Do You Think Mexico’s Junk-Food Tax Is Working?
By Cooking Panda
Mexico has seen a slight reduction in high-calorie snack purchases since the country implemented a junk-food tax in 2014, but it’s unclear whether overall public health has improved.
“Slight” is right: The average reduction comes out to only 5.1 percent, with higher-income households showing no change in food shopping habits, according to a study published in online journal PLOS-Medicine.
Poorer households bought 10.2 percent less junk food, and medium-income households bought 5.8 percent less.
The results come from a study of bar code analyses of consumer tracking data (most high-tech sentence I’ve ever written) by PLOS-Medicine.
What the study couldn’t catch are purchases of cheap and high-calorie street foods, which are extremely popular in the country.
It’s unclear, then, whether the decrease of in-store purchases of junk food means that families are eating healthier or that they’re simply buying more junk food from street vendors.
Critics of the tax believe the higher prices aren’t causing healthier eating; they say households are buying street foods that are often made worse than name-brand choices with extra sugar and salt.
Nutritionist Julieta Ponce from the Center for Dietary Orientation said the study prompts a much-needed debate in Mexico, one of the most obese countries in the world, about making better-quality food a norm.
“Obesity and adverse metabolic effects are also the result of the loss of the traditional diet, not just the consumption of junk food,” Ponce said, according to The New York Times. “At the moment, Mexico lacks a broader policy on eating well.”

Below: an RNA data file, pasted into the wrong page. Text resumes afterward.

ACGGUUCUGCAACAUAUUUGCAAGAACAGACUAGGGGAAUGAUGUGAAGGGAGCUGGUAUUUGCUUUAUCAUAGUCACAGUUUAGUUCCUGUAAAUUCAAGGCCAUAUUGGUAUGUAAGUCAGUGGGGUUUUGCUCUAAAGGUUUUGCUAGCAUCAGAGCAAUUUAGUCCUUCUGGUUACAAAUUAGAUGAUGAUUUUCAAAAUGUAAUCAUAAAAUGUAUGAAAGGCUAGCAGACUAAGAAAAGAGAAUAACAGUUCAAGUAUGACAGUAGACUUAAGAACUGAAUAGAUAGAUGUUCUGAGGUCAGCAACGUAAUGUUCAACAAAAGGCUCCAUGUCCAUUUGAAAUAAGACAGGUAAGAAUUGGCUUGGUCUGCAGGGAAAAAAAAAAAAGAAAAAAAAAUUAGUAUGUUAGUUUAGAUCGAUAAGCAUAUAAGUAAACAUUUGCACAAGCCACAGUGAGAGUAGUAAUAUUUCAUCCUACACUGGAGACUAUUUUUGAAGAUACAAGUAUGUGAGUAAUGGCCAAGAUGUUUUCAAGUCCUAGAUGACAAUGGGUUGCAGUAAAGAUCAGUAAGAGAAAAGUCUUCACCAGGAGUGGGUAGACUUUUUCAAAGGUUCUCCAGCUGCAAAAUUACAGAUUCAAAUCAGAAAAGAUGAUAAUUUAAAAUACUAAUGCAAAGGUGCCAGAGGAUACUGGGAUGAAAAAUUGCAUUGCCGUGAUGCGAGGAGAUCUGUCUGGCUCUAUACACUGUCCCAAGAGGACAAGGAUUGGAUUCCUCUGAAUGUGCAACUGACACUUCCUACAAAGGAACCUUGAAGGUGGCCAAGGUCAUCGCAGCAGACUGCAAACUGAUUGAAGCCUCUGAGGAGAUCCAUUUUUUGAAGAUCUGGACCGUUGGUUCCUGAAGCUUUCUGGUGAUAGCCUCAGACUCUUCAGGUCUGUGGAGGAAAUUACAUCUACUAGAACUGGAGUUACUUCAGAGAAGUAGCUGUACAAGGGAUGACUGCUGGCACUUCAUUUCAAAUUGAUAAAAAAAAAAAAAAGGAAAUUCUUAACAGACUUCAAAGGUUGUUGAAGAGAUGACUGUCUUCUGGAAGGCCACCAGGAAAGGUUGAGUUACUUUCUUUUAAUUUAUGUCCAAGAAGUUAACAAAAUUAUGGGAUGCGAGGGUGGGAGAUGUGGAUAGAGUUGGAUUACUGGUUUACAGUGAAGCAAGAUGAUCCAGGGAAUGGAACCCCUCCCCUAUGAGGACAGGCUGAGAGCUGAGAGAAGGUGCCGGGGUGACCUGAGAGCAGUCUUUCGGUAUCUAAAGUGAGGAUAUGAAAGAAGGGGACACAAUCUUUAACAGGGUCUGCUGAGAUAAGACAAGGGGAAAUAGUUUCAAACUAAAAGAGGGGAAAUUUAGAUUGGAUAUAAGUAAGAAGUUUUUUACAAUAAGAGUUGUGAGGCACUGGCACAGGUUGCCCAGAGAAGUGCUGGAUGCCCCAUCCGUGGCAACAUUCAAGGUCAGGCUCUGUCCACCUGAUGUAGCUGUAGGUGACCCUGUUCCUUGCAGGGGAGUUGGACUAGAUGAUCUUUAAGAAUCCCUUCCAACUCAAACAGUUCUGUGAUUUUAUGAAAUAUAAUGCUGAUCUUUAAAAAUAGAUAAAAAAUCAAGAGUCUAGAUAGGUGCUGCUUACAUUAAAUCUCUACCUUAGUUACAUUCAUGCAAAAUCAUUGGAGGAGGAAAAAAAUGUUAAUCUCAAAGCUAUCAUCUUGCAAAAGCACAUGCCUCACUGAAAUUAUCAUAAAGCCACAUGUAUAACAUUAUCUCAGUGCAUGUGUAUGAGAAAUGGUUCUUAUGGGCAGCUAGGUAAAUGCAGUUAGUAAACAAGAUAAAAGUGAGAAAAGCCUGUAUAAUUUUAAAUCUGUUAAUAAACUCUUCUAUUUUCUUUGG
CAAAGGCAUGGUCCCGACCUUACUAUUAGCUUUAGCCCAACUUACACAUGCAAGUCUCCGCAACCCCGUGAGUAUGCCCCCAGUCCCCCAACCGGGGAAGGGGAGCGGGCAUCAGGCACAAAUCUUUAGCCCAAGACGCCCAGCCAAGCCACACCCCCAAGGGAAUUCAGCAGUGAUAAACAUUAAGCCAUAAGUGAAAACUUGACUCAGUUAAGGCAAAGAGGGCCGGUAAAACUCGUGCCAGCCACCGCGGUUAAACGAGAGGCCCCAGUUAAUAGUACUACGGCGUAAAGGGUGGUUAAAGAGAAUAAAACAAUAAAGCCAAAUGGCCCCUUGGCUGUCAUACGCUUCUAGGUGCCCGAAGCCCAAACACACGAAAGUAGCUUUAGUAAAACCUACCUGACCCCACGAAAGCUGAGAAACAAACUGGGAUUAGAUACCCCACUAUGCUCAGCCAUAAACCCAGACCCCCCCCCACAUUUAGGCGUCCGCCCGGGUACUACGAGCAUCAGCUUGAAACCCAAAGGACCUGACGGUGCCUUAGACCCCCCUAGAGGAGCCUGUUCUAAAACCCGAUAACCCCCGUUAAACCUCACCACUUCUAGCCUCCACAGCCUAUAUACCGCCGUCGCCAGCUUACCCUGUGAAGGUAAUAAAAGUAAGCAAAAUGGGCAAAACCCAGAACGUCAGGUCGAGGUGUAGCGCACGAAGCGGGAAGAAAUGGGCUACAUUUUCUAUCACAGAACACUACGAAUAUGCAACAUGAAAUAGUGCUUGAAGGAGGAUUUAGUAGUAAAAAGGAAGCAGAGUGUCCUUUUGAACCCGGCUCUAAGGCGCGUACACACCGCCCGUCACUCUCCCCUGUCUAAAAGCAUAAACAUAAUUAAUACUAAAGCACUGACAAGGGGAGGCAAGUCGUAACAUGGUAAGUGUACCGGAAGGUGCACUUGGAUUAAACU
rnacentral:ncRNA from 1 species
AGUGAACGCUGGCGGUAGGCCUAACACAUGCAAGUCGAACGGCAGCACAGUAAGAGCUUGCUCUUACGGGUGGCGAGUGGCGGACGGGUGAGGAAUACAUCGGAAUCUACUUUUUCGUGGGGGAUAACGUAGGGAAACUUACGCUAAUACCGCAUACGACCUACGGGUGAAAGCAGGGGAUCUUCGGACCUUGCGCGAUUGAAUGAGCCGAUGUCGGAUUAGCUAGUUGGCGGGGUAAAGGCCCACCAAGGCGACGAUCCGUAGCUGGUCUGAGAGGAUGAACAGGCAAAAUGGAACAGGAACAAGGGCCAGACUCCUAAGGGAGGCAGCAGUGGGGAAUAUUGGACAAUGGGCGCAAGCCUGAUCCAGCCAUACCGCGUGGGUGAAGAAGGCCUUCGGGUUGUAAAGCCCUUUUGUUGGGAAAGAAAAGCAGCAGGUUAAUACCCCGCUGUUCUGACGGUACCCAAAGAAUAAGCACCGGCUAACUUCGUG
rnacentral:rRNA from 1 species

The study’s results align with findings that another Mexican tax on sodas reduced certain soft-drink purchases by 6 percent. Many U.S. cities, such as Philadelphia, are implementing similar ideas.junk food tax, Mexico, Soda tax
The Soda Industry Is Fighting Back On Philadelphia’s Soda Tax
By Cooking Panda
In the midst of an America where politics is increasingly ruled by lobbyists and big corporate interests, few people will be shocked to learn that the soda industry has vowed to fight Philadelphia’s new soda tax.
The tax, which was passed last Thursday by a vote of 13-4, will add 1.5 cents per ounce to the cost of most sugared and diet beverages sold in Philadelphia. Reports from Mayor Jim Kenney’s office suggest that revenue from the new measure will go towards funding Philadelphia’s public schools, and is expected to amount to $91 million each year.
According to FoodNavigator-USA, however, the American Beverage Association retained the services of Kline & Specter law firm to fight the soda tax shortly after it was passed. Shanin Specter, a founding partner at the firm, says, “This tax is illegal because it violates the Pennsylvania constitutional requirement of uniformity of taxation and because a local government doesn’t have the power to impose a sales tax when the Pennsylvania legislature already has imposed a sales tax.”
In addition to citing legal reasons to repeal the law, the soda industry association also highlighted the tax’s waning popular support among Philadelphia residents. While only 44 percent of voters opposed the measure three months ago, a recent poll suggests that 58 percent of voters are now in opposition to the soda tax. It should be noted, however, that the American Beverage Association was responsible for commissioning the more recent poll.
Despite the opposition, many individuals and organizations are still hailing the new soda tax as landmark legislation, and expect the measure to influence policy nationwide. According to Quartz, Philadelphia’s soda tax “is proof that taxes on sugary drinks can win substantial support outside super-liberal enclaves.”
Keep your eyes and ears open in the coming days to see whether or not the soda industry will be able to challenge the law, and what the outcome could potentially mean for the rest of the country.American Beverage Association, Philadelphia, Soda Industry, Soda tax